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There seems to be some inconsistency as to which commands are allowed when you are in the .git directory, and which are not. For instance

git symbolic-ref HEAD


git diff --staged

are fine.


git diff


git status

produces the error message: fatal: This operation must be run in a work tree

Even more surprising: create an alias of one of the failing commands above, like git st for git status, and then it works!

Is there any logical explanation for all that? And why would the alias of a failing command suddenly work just because it's an alias??

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There are a few Git commits (git wrapper: allow setup_git_directory_gently() be called earlier, Call setup_git_directory() much earlier and git --paginate: paginate external commands again) that touch on what's going on. The different behavior for builtin commands and aliases seems to stem from previous issues where builtin commands needed to get to Git configuration information earlier, which required determing the Git directory and working tree to get to repo-specific configurations.

If you have the Git source locally, you can execute git log --grep='setup_git_directory_gently' to get a list of commits related to the behavior you're noticing.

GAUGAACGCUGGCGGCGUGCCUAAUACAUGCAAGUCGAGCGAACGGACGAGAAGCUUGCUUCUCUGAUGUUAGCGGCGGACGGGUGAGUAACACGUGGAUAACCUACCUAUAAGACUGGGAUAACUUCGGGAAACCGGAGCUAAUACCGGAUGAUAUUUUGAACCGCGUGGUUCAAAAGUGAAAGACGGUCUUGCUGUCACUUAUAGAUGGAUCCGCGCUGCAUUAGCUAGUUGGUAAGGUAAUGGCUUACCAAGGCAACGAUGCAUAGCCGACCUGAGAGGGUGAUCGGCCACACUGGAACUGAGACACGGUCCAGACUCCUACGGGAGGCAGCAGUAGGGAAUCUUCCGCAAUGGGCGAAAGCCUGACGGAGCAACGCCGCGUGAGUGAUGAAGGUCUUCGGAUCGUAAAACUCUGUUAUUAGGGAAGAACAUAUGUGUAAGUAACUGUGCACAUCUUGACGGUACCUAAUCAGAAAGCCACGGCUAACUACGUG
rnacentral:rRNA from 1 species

For why aliases behave the way they do, Accept git aliases outside a git repository explains:

af05d67 (Always set *nongit_ok in setup_git_directory_gently(), 2008-03-25) had a change from the patch originally submitted that resulted in disabling aliases outside a git repository.

It turns out that some people used "alias.fubar = diff --color-words" in $HOME/.gitconfig to use non-index diff (or any command that do not need git repository) outside git repositories, and this change broke them, so this resurrects the support for such usage.

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There is a logical explanation. The commands with arguments that failed did so because they require a work tree and when you are in a .git repository there is no work tree, only repository files. The other commands with arguments succeeded because they do not require a work tree.

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Good point. That seems to be the logic. That does not explain the behaviour with aliases though... – Olivier Verdier Apr 2 '12 at 16:21
What is the alias? – Ed Gamble Apr 2 '12 at 16:26
As Dan Cruz says below, some aliases might work outside of a repository but that should not be depended upon and, frankly, sounds dangerous. – Ed Gamble Apr 3 '12 at 3:30

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